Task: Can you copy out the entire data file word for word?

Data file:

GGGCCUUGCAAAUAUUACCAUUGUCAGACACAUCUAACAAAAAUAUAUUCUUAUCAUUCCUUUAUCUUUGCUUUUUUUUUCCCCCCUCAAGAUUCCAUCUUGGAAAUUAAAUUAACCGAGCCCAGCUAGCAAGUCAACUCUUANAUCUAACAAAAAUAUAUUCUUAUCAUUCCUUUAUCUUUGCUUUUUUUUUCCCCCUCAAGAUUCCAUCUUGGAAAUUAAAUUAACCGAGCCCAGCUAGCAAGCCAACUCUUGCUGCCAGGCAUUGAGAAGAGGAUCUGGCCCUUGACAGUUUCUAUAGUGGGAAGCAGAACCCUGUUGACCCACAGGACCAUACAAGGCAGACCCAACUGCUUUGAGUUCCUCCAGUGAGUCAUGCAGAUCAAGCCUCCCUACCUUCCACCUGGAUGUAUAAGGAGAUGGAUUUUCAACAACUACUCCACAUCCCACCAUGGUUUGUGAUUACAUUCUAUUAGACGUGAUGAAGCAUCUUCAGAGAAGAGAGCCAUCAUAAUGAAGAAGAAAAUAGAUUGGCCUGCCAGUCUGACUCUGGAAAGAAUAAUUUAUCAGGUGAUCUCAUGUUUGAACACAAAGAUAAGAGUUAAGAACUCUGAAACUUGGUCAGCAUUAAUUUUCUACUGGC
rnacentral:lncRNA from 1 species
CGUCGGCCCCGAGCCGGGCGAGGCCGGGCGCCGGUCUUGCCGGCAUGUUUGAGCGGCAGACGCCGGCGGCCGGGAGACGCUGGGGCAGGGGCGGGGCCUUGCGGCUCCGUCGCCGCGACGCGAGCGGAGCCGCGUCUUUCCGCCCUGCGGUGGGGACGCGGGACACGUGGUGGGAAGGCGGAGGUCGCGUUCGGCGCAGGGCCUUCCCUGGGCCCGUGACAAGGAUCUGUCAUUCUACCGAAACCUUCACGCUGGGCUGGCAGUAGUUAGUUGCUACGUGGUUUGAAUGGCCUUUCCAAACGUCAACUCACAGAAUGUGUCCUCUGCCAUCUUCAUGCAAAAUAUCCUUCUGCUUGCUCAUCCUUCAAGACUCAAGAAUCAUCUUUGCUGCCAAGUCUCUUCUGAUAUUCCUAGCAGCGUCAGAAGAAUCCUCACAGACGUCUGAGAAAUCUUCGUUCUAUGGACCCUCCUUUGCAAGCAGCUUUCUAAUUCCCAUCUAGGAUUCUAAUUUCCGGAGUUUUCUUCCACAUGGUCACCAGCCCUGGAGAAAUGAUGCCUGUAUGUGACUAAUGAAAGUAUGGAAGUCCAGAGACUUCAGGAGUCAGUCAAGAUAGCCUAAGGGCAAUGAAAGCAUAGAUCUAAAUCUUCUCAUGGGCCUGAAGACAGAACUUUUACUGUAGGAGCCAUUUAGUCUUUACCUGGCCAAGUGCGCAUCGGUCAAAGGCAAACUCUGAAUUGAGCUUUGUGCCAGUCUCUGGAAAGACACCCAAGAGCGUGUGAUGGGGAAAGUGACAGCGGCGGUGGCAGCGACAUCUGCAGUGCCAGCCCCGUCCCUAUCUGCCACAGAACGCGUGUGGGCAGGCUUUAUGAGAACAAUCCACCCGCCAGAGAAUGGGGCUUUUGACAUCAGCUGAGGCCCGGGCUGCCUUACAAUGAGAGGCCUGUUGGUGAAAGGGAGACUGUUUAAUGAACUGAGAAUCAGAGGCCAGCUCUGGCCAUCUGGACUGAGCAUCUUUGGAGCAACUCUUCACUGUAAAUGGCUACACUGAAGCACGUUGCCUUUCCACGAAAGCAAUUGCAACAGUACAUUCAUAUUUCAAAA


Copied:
GGGCCUUGCAAAUAUUACCAUUGUCAGACACAUCUAACAAAAAUAUAUUCUUAUCAUUCCUUUAUCUUUGCUUUUUUUUUCCCCCCUCAAGAUUCCAUCUUGGAAAUUAAAUUAACCGAGCCCAGCUAGCAAGUCAACUCUUANAUCUAACAAAAAUAUAUUCUUAUCAUUCCUUUAUCUUUGCUUUUUUUUUCCCCCUCAAGAUUCCAUCUUGGAAAUUAAAUUAACCGAGCCCAGCUAGCAAGCCAACUCUUGCUGCCAGGCAUUGAGAAGAGGAUCUGGCCCUUGACAGUUUCUAUAGUGGGAAGCAGAACCCUGUUGACCCACAGGACCAUACAAGGCAGACCCAACUGCUUUGAGUUCCUCCAGUGAGUCAUGCAGAUCAAGCCUCCCUACCUUCCACCUGGAUGUAUAAGGAGAUGGAUUUUCAACAACUACUCCACAUCCCACCAUGGUUUGUGAUUACAUUCUAUUAGACGUGAUGAAGCAUCUUCAGAGAAGAGAGCCAUCAUAAUGAAGAAGAAAAUAGAUUGGCCUGCCAGUCUGACUCUGGAAAGAAUAAUUUAUCAGGUGAUCUCAUGUUUGAACACAAAGAUAAGAGUUAAGAACUCUGAAACUUGGUCAGCAUUAAUUUUCUACUGGC
rnacentral:lncRNA from 1 species
CGUCGGCCCCGAGCCGGGCGAGGCCGGGCGCCGGUCUUGCCGGCAUGUUUGAGCGGCAGACGCCGGCGGCCGGGAGACGCUGGGGCAGGGGCGGGGCCUUGCGGCUCCGUCGCCGCGACGCGAGCGGAGCCGCGUCUUUCCGCCCUGCGGUGGGGACGCGGGACACGUGGUGGGAAGGCGGAGGUCGCGUUCGGCGCAGGGCCUUCCCUGGGCCCGUGACAAGGAUCUGUCAUUCUACCGAAACCUUCACGCUGGGCUGGCAGUAGUUAGUUGCUACGUGGUUUGAAUGGCCUUUCCAAACGUCAACUCACAGAAUGUGUCCUCUGCCAUCUUCAUGCAAAAUAUCCUUCUGCUUGCUCAUCCUUCAAGACUCAAGAAUCAUCUUUGCUGCCAAGUCUCUUCUGAUAUUCCUAGCAGCGUCAGAAGAAUCCUCACAGACGUCUGAGAAAUCUUCGUUCUAUGGACCCUCCUUUGCAAGCAGCUUUCUAAUUCCCAUCUAGGAUUCUAAUUUCCGGAGUUUUCUUCCACAUGGUCACCAGCCCUGGAGAAAUGAUGCCUGUAUGUGACUAAUGAAAGUAUGGAAGUCCAGAGACUUCAGGAGUCAGUCAAGAUAGCCUAAGGGCAAUGAAAGCAUAGAUCUAAAUCUUCUCAUGGGCCUGAAGACAGAACUUUUACUGUAGGAGCCAUUUAGUCUUUACCUGGCCAAGUGCGCAUCGGUCAAAGGCAAACUCUGAAUUGAGCUUUGUGCCAGUCUCUGGAAAGACACCCAAGAGCGUGUGAUGGGGAAAGUGACAGCGGCGGUGGCAGCGACAUCUGCAGUGCCAGCCCCGUCCCUAUCUGCCACAGAACGCGUGUGGGCAGGCUUUAUGAGAACAAUCCACCCGCCAGAGAAUGGGGCUUUUGACAUCAGCUGAGGCCCGGGCUGCCUUACAAUGAGAGGCCUGUUGGUGAAAGGGAGACUGUUUAAUGAACUGAGAAUCAGAGGCCAGCUCUGGCCAUCUGGACUGAGCAUCUUUGGAGCAACUCUUCACUGUAAAUGGCUACACUGAAGCACGUUGCCUUUCCACGAAAGCAAUUGCAACAGUACAUUCAUAUUUCAAAA